Questions James Murdoch should answer

The Guardian, April 23 2012

As the Leveson inquiry prepares to take evidence from James Murdoch, these are questions which could be put to him All of them are directed to testing key allegations. References to the activities of James Murdoch should be taken to cover those acting on his behalf.

1. Allegation: that the Sun’s decision to support the Conservatives at the 2010 election was traded for Tory support for the Murdochs on key media policies.

* NewsCorp’s bid to take over all of BSkyB
Did you ever discuss the bid with anybody from the Conservative Party before it was announced in June 2010? Were you given any kind of indication about a future Tory government’s attitude to the bid?

After the bid was announced, did you make any attempt directly or indirectly to influence Vince Cable or Jeremy Hunt, the two Secretaries of State who were responsible for deciding whether the bid should be cleared by regulators?

* Cuts to the BBC’s income
Did you ever in private meetings with anybody from the Conservative Party urge them to cut the BBC’s licence fee and/or to limit its income from commercial activity?

After the election, did any government representative discuss with you any aspect of the October 2010 licence fee settlement which effectively cut the BBC’s income by 16%?

* Cuts to Ofcom
Did you ever in private meetings with anybody from the Conservative Party urge them to cut Ofcom’s income or powers and/or to abolish Ofcom?

Did you have any contact with ministers or officials in relation to the changes announced in October 2010 which reduced Ofcom’s role and cut its budget by 28%?

2. Allegation: that the Sun adopted a politically motived strategy to destabilise Gordon Brown’s government.

Was the Sun’s decision to support the Conservatives in the 2010 election made exclusively by editorial staff, or did you or your father become involved?

Were the Conservatives told of the decision before Sun readers were? Were they aware of the plan to announce the decision on the day of Gordon Brown’s keynote speech to the Labour conference in September 2009? Do you accept that the timing of the announcement had no journalistic justification and was calculated to inflict political damage on the Labour party?

Do you accept that the decision led to unusually hostile and distorted news coverage of Brown and his government? Was it fair of the Sun to attack Brown for misspelling the name of a soldier who had died in Afghanistan and then to record and publish a transcript of his personal call apologising to the soldier’s mother?

Can you explain why the Sun repeatedly attacked the Brown government for failing to hold a referendum over Europe and but failed to attack the Cameron government on the same point? Ditto in relation to the alleged lack of support for British troops in Afghanistan.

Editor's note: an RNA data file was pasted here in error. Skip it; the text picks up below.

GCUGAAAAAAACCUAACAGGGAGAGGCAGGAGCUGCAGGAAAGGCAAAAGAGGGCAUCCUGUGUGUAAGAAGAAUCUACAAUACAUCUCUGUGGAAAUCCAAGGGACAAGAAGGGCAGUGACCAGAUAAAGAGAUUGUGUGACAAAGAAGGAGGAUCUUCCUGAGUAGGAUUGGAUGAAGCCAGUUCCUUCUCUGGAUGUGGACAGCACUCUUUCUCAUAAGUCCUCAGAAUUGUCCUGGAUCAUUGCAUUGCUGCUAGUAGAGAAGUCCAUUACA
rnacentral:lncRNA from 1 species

3. Allegation: that the former editor of the News of the World, Andy Coulson, acted as a link between NewsCorp and the Conservative leadership.

Were you aware that News International continued to provide Coulson with private healthcare, a car and staggered payments from his severance package after July 2007 when he started work in David Cameron’s office? For how long did these payments continue?

Is it possible that Coulson received any other form of income or benefit from any source with any connection to News Corporation after he left the News of the World?

Apart from normal contact with journalists working on stories, did Coulson facilitate or engage in any form of contact between representatives of NewsCorp and the Conservative leadership a) before the 2010 election and b) afterwards?

4. Allegation: that James Murdoch was aware of illegal activity at the News of the World but failed to warn his shareholders or to ensure that the truth was told to parliament and the public.

You told the select committee that you settled the Gordon Taylor case because you knew there was evidence that the hacking of his phone was ‘connected to the News of the World’ but you did not know that this evidence implicated any journalist from the paper. How could the evidence possibly have implicated the paper without implicating at least one person who had worked for it?

You settled the Taylor case for a total of more than £1m in damages and costs, and yet your father, to whom you spoke regularly, says you never mentioned it to him. Was that because you were afraid of his reaction, because you knew very well that there was evidence of wrongdoing at the News of the World?

Was no suspicion raised in your mind by the public disclosure: in July 2009 by the DPP that he was aware of a far larger number of offences at the News of the World; in February 2010 by the media select committee that they believed it was inconceivable that Clive Goodman had acted alone; in February 2010 by the Guardian that the News of the World had employed four investigators who broke the law; in March 2010 that Rebekah Brooks had authorised the payment of more than £1m to stop a court case by Max Clifford which threatened to implicate News of the World journalists in hacking; in April 2010 by the Guardian that police in 2006 had found evidence of ‘a vast number’ of offences at the paper?

Was your failure to act on this public information in any way connected with a desire not to fall out with the leadership of the Conservative Party which had hired the former editor of the News of the World as its media adviser?